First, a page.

Retribution does the best it can with the PSP%26rsquo;s single analog stick. It maps aiming to the face buttons and indulges you with a generous amount of aim assist %26ndash; but it still feels far from an ideal solution. It%26rsquo;s a shame really, because in every other respect this is classic Resistance: epic, explosive, and fast-paced.
Fitting neatly between the two PS3 titles, Retribution takes you across mainland Europe on a quest for revenge. James Grayson, a disgraced former Lieutenant and xenophobic cockney, is saved from a firing squad by the French Resistance and forced into a suicide mission in Rotterdam. Cue some casual racism %26ndash; every other Frenchman is a %26ldquo;bloody frog%26rdquo; %26ndash; as James juggles his objectives with his thirst for vengeance (his brother was a victim of Chimera conversion).
The game may struggle with the PSP%26rsquo;s crampy button layout, but you%26rsquo;ll be hard-pressed to find a more beautiful title on the system. The initially forgettable environments recall the monochromatic sludge of the first Resistance, rather than its brighter, bolder sequel, but the character models are superb. James looks full of character with his leather jacket complete with sewn-on badges, and each of the new Chimera types are great looking villains.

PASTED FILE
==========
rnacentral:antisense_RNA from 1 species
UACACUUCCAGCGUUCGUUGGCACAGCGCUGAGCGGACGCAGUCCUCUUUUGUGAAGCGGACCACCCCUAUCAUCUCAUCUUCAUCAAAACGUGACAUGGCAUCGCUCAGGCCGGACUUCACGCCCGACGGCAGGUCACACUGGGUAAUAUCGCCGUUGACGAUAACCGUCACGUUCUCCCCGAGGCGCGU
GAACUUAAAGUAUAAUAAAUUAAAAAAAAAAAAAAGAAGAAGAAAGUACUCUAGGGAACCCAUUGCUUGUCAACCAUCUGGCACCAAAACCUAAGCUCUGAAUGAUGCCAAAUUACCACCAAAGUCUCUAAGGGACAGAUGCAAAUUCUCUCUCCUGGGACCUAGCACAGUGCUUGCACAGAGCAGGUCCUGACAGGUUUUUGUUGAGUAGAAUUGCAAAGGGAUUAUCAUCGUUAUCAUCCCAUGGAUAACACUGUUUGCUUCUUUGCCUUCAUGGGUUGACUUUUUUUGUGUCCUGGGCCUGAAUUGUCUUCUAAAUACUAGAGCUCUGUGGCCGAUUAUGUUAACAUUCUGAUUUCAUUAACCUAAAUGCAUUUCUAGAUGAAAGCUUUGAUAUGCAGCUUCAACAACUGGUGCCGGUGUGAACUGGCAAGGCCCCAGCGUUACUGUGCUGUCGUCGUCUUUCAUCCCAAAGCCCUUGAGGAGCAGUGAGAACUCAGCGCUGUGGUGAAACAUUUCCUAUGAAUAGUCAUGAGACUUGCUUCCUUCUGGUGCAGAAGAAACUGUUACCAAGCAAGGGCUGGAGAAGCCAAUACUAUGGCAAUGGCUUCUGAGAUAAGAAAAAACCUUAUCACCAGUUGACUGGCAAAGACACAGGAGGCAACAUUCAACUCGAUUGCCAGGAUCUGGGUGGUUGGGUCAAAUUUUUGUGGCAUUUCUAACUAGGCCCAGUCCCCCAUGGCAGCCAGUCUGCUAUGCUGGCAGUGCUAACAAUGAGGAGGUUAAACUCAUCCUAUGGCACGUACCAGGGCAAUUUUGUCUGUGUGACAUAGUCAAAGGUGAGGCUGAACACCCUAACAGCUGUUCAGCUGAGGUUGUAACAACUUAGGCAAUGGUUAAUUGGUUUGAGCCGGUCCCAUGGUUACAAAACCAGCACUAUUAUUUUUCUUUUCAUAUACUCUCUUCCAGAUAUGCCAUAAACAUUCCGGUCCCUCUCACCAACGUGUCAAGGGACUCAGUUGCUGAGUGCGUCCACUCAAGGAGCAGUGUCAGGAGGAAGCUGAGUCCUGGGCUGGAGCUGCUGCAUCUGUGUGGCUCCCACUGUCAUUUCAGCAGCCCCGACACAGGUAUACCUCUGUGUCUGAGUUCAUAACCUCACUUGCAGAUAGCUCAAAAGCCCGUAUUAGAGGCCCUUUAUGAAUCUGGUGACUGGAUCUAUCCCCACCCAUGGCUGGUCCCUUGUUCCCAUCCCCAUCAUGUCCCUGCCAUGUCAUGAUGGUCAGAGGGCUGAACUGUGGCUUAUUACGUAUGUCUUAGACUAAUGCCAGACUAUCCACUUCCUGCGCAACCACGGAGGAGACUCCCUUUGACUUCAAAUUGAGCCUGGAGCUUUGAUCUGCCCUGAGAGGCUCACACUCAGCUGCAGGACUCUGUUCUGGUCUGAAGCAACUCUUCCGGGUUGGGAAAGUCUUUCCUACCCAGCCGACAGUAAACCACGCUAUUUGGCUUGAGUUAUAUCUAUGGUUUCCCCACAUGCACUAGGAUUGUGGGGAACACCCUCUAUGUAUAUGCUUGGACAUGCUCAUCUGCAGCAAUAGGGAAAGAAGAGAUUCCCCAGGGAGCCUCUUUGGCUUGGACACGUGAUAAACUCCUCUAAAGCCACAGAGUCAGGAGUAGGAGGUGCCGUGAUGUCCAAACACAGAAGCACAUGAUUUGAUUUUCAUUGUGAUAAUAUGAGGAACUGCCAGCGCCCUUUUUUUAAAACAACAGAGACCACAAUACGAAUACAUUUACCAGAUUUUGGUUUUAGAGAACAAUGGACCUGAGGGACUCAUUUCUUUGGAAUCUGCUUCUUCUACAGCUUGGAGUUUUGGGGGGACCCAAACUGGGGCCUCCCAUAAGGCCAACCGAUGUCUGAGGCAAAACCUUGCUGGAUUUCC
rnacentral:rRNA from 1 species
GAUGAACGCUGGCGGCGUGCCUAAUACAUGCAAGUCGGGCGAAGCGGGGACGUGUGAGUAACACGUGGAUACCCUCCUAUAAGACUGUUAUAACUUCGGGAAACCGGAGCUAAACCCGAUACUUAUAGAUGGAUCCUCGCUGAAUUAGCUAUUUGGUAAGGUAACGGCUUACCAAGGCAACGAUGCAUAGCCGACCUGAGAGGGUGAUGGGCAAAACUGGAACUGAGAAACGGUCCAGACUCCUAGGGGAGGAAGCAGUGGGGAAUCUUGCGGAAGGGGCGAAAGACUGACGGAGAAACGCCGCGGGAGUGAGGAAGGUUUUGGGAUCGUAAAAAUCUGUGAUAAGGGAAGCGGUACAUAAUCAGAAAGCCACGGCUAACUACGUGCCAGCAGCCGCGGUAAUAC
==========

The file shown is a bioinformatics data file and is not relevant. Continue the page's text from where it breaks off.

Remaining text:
The change from first to third-person perspective is essential, for a number of reasons. Auto-aiming seems less offensive in a more distant view %26ndash; you%26rsquo;d never get away with this much aim assistance in a true FPS %26ndash; while the game%26rsquo;s snappy cover system would be ten times more fiddly in first-person. When it decides to work, cover is simple - unfortunately, you can only take cover when enemies are present, and sometimes not even then if James isn%26rsquo;t in precisely the right spot.